New Rules for Broadcasters, New Dispute Over Digital Readiness
The Federal Communications Commission today set a few new rules for broadcasters as they prepare to turn off analog signals before or on June 12, the current deadline for the transition to digital television.
First of all, stations must provide on-air and other notifications if they anticipate that 2 percent or more of their analog viewers will lose service with digital broadcasts, even if the stations plan to gain viewers in other areas.
In addition, all stations must include information about antennas as part of their consumer education campaigns, such as if they plan to change from the VHF band to the UHF band, or if viewers may need additional or different equipment to receive a signal.
And stations must remind viewers that they will need to use the "scan" function of their digital televisions and digital converter boxes. That's because many stations will be changing service areas and broadcast frequencies, and viewers will need to periodically rescan to make sure they are getting all of the available stations.
Nielsen reported this month that 3.9 percent of U.S. households are "completely unready" for the digital transition, down from the 9.8 percent that were considered completely unready in May.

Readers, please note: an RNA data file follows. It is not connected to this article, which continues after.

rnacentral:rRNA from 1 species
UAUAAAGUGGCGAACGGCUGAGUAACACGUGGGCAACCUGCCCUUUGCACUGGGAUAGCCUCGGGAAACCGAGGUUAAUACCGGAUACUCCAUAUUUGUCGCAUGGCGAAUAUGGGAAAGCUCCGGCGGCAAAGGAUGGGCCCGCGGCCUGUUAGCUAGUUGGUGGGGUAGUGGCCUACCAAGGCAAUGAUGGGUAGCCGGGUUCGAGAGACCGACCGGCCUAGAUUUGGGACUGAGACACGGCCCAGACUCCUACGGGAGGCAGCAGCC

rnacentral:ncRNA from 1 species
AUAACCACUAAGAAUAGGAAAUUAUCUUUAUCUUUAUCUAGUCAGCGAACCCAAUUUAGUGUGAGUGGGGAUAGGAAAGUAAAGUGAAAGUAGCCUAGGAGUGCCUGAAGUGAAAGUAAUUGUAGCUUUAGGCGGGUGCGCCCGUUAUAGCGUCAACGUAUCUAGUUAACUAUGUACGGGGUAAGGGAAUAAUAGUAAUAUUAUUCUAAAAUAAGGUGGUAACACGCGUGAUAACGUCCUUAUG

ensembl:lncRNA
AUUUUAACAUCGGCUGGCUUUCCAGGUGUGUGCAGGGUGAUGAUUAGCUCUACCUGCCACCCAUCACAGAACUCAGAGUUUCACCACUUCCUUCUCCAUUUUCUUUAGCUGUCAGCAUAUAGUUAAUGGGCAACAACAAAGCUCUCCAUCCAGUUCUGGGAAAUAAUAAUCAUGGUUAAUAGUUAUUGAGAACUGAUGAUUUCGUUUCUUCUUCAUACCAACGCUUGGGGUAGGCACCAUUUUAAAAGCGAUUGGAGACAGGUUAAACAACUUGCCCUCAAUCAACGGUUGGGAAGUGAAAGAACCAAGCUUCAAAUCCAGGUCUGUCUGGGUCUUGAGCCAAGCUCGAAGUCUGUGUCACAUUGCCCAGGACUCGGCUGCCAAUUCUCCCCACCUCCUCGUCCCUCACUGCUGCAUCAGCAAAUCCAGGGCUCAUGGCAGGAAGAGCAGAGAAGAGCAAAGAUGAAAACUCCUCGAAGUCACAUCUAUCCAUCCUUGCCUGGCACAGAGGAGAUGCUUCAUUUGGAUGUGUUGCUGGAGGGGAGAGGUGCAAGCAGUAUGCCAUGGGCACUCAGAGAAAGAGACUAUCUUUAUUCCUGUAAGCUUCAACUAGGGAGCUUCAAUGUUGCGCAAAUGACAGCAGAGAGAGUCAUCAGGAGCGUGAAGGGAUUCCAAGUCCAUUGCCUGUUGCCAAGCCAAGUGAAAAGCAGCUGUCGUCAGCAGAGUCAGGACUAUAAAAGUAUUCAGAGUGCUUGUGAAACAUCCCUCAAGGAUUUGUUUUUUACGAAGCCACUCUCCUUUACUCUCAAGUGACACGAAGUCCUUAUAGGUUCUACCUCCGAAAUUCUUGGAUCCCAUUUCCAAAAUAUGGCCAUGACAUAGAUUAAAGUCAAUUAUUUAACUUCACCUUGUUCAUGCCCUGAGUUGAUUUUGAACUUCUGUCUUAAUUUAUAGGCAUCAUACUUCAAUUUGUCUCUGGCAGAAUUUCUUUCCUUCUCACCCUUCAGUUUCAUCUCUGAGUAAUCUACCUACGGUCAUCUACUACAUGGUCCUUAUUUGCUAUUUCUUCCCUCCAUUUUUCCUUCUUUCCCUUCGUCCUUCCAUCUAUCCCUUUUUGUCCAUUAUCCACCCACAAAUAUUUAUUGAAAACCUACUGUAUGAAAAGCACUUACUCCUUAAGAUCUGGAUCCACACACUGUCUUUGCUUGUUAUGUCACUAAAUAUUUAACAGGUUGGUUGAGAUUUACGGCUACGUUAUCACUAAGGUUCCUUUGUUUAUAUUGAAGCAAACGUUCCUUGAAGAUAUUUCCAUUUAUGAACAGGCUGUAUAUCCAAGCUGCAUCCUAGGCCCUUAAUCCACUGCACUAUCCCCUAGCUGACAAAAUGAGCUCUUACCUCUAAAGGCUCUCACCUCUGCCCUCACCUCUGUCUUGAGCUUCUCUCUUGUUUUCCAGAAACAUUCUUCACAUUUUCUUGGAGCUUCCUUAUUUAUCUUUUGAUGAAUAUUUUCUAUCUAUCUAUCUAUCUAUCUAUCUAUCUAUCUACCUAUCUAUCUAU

The National Association of Broadcasters is disputing Nielsen's figures and the methodology behind them. In a letter to Nielsen, NAB president and CEO David Rehr said the reports classify as "completely unready" households that have purchased converter boxes but not yet hooked them up, and households that have a converter box coupon they have not yet redeemed, or have applied for a coupon but are waiting for it to arrive.
"While these households may be technically unready in the strictest sense, it is unfair and misleading to classify them as "completely unready," especially those that have already purchased converter boxes," the letter said. "This methodology and classification overstates the number of truly unprepared households, and given the weight and widespread dissemination of Nielsen research, these reports can contribute to an unnecessary level of concern that the transition is not going well among members of Congress and regulators at the Federal Communications Commission."
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